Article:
Last November, the VRT established an open-source rule testing group, composed of a number of Snort users from around the planet in industries as diverse as defense contracting and education. To date, we've tested well over a hundred rules with this group, and have had a great deal of useful feedback in the process - which has led to both killing rules that didn't perform as well as expected in the field, and the release of rules that we would have never previously dared to put in public after seeing them function well with the test group. I wanted to take a moment today to publicly thank the members of the group for all of their efforts, and to highlight some of the cool work that's come out of this project.

Rules worth highlighting include:

* SID 21941, "INDICATOR-COMPROMISE Wordpress Request for php file in fgallery directory". The fgallery plug-in for WordPress is a common target for remote file inclusion attacks; automated scanners are roving the Internet at this very moment looking for vulnerable installations. Since the directory the rule looks for in the URI should only ever have image files in it, looking for PHP files in that directory is a great generic indicator that a compromise has taken place.

* SIDs 21544-21546, "MALWARE-CNC Possible host infection - excessive DNS queries for .cn/.ru/.eu". We had observed several pieces of malware which cycled through a large number of domains on these TLDs in an attempt to find that day's algorithmically generated command and control location, and wanted to ensure that the rate at which we chose to alert on these queries was high enough to avoid problems in the field. These signatures have proven very useful as generic infection indicators since their release; we're happy to expand them to any other TLD where the false positive rate is low enough to be useful.

* SIDs 22033, 22034, "MALWARE-CNC Apple OSX Flashback malware outbound connection". The User-Agent strings used by the Flashback malware, while only one piece of the overall detection puzzle, were a perfect example of why this group was put together - they looked likely to cause false positives, but would be an ironclad indicator of infection if they were not standard slices of normal, in-field User-Agent strings.

* SID 21860 "EXPLOIT-KIT Phoenix exploit kit post-compromise behavior". This rule looks for a User-Agent string that appears perfectly normal, but for the inclusion of "Windows 98" (which we felt was likely to be exceptionally rare on networks protected by Snort, given the age of that operating system). Since we're continually surprised by the age of systems we're protecting, however, we wanted to check this before release.

* SIDs 23481, 23482 "INDICATOR-OBFUSCATION hex escaped characters in setTimeout/AddEventListener call". See this previous VRT post for details.

* SID 23621, "INDICATOR-OBFUSCATION known packer routine with secondary obfuscation". This rule takes advantage of the fact that one of the most widely-used JavaScript packers on the Internet (Dean Edwards' "function(p,a,c,k,e,d)" routine) gives the original names of the functions used in the code that's being obfuscated. Since certain calls such as fromCharCode(), charCodeAt(), parseInt(), and eval() are much more common in malicious JavaScript than normal JavaScript, the rule looks for three of them that were involved in an exploit kit observed in the wild by a Sourcefire customer.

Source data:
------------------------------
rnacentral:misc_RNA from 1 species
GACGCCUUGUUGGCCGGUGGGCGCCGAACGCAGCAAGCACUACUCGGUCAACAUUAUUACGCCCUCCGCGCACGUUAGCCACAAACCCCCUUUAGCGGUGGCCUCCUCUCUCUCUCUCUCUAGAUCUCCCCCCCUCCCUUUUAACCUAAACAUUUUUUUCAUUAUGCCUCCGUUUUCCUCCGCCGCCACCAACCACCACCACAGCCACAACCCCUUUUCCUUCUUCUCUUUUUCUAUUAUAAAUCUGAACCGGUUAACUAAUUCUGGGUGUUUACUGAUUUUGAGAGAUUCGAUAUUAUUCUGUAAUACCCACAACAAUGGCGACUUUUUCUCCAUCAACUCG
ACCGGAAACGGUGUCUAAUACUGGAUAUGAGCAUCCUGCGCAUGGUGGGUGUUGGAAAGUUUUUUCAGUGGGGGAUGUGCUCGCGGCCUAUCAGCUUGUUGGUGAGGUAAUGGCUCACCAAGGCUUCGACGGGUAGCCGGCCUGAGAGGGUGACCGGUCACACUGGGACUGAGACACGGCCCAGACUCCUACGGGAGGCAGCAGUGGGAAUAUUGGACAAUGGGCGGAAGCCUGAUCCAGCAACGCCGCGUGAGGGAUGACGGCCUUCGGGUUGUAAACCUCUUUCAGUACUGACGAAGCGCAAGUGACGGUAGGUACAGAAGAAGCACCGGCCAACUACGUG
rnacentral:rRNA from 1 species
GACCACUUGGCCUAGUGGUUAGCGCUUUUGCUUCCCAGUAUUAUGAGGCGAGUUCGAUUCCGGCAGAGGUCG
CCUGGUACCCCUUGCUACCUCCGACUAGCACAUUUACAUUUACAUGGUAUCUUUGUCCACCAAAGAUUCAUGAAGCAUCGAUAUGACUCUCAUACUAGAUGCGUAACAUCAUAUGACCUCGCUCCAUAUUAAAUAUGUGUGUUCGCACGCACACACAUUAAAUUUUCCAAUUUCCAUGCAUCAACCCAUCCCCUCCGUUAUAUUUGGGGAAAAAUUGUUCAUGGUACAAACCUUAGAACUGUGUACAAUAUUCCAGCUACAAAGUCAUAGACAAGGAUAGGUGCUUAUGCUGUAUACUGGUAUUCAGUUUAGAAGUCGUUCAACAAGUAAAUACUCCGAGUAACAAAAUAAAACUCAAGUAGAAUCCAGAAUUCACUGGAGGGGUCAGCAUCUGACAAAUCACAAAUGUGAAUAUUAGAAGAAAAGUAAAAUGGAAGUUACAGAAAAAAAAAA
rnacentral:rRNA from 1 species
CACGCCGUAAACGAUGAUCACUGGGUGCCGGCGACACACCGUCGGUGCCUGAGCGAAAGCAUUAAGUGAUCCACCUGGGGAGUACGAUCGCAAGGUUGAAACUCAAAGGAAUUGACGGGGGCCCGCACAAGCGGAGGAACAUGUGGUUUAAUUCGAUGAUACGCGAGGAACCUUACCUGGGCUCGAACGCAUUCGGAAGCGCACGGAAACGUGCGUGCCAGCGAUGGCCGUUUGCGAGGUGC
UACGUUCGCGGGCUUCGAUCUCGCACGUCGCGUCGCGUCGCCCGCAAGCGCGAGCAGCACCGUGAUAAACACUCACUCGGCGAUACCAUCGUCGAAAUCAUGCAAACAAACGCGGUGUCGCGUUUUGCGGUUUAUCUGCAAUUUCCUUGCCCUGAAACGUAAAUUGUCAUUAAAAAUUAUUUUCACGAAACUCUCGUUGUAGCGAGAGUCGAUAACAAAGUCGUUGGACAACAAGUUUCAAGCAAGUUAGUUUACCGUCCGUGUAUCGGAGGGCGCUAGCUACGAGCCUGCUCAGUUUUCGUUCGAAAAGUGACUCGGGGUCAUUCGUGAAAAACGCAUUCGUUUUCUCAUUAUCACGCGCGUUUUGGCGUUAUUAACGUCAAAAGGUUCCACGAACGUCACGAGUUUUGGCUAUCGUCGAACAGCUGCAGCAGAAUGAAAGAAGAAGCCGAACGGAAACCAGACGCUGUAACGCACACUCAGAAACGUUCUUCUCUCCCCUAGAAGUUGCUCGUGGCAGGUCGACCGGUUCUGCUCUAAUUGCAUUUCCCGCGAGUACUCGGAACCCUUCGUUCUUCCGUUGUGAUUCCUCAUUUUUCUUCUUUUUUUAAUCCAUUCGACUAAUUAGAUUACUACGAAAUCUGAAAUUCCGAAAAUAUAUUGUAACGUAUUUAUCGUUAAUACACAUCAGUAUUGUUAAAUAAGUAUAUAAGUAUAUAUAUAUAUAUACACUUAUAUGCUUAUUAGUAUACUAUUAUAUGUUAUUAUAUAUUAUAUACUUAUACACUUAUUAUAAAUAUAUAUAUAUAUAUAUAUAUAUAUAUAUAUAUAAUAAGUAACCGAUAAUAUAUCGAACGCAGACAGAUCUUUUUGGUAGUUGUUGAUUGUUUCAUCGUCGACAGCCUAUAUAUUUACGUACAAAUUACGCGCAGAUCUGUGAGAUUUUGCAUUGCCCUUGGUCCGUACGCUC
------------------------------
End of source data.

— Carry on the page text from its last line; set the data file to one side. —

* SID 23798, "MALWARE-OTHER Malvertising redirection page". A common technique for embedding malware on otherwise innocuous pages is to use hidden Iframes; this rule looks for these tags with height and width values of 0. Since we were uncertain as to the frequency of such elements in legitimate pages, testing this rule prior to release was crucial to ensure we didn't trigger an avalance of false positives.

* SIDs 23831, 23832, "WEB-CLIENT non-alphanumeric javascript detected". Put together in response to a new JavaScript obfuscation routine, these rules rely on strings which could have easily occurred in legitimate pages. Testing proved that our signatures were specific enough to catch only this encoding routine, and not legitimate activity.

* 24103-24110, "INDICATOR-COMPROMISE HTTP POST request to a JPG/JPEG/GIF/PNG/BMP/RAR/ZIP/MP3 file". This group of signatures detects HTTP POST transactions being sent towards files which generally do no process POST data. While our testing revealed some false positives, the rate was low enough that these rules were published anyway, outside of default policies an with appropriate documentation on how to check whether a hit was in fact a false positive.

* Several of our less-specifc signatures for the Blackhole exploit kit have either been released or put into the balanced policy after testing through this group revealed that they were free of false positives.

Current members of the group who have consented to being publicly named include:

* James Lay, Winco Foods

* Peter Bates, University College London

* Ralf Spennenberg, OpenSource Training

* Christian Teutenberg/Sandra Sucevic, Telstra

Thanks to them and the others whose management/policies have dictated keeping their contributions private. We wouldn't be as awesome as we are without you!

For those who may be interested in joining this group going forward, please drop me a line at akirk < at > sourcefire < dot > com. Also, if you missed out first "Don't Do That" rules post, it's worth a read, as it highlights several  anomaly detection rules that are still useful over two years later.